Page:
The objective of this text is to tell the story of Lionel Messi’s early career at Barcelona. He played his first game in 2001 against Amposta and even scored a goal, but his career was threatened a week later when he broke his fibula away to Tortosa. This injury caused concern for Barcelona, and it was clear that he would not play for the Infantil B team again. After recovering from the injury, he played for the Infantil A side, and there was no sign of his previous injury. He only featured in a few games before being promoted to the Cadete B side in 2002, where he made a real impact. Although he was quiet and reserved in the dressing room, he was a force to be reckoned with in training. His teammates found it frustrating to play against him because he was so quick and skilled. They even tried to give him a couple of hits during training, but he was too fast to be caught.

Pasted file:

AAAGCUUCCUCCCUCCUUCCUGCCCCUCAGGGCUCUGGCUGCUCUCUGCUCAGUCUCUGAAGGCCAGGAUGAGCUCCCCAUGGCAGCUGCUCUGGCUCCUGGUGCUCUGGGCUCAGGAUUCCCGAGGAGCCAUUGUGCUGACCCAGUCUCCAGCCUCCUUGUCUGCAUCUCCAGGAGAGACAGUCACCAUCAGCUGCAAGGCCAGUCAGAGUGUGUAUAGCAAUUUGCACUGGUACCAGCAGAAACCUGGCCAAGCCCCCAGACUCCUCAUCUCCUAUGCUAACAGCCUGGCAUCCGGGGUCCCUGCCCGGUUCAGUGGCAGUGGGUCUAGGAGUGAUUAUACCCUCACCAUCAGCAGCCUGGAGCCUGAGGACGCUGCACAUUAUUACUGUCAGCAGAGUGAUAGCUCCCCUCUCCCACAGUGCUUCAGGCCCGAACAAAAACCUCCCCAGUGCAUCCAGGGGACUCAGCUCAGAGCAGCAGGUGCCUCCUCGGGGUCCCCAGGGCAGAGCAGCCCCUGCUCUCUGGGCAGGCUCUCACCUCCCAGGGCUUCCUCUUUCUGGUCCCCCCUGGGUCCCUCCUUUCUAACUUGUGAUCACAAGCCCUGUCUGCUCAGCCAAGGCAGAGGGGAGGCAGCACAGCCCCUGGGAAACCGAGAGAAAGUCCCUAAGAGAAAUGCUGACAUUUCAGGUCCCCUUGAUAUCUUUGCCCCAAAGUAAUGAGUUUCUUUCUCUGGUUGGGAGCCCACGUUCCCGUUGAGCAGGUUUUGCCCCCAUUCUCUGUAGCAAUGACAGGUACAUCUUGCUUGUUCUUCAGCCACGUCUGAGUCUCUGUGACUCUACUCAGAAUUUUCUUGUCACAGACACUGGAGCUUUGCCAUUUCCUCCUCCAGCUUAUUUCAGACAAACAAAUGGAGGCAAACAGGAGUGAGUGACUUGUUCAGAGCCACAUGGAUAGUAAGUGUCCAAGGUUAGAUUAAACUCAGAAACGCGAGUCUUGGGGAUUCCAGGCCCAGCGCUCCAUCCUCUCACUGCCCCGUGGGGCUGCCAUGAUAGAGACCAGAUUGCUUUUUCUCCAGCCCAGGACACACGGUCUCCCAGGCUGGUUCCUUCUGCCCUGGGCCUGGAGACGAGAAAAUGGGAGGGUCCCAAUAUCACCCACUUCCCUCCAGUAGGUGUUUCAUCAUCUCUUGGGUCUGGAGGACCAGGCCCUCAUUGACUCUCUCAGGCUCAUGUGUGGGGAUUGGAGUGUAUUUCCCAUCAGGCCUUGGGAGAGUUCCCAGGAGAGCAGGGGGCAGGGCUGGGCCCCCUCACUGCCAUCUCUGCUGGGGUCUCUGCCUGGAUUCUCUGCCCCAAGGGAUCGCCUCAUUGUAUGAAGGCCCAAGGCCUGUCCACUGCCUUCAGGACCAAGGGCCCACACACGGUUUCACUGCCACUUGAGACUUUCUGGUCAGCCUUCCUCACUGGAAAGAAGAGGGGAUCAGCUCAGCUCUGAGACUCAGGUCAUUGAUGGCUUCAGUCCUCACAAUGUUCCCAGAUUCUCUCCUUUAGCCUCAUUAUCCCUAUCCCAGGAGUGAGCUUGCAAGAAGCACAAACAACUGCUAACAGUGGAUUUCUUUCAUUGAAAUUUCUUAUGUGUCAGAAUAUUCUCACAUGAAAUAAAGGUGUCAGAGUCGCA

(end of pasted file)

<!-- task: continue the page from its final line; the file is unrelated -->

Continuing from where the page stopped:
Robert, in a state of desperation, describes how Messi would effortlessly outsmart defenders by leaving them behind and taking on the next one. He was a machine, always excelling in training, technique, recovery, and matches. Even during one-on-one exercises, he was avoided by center-backs as they knew they stood no chance against him. Pau Torras, the Cadete B goalkeeper who now plays for Cartagena, recounts how Messi would leave everyone speechless with his natural talent without even uttering a word. Robert concludes that stopping Messi would have only been possible if someone pulled out a gun and fired a shot, but even then, he could have evaded the bullet with the ball under his control. All this when Messi was only 13 years old.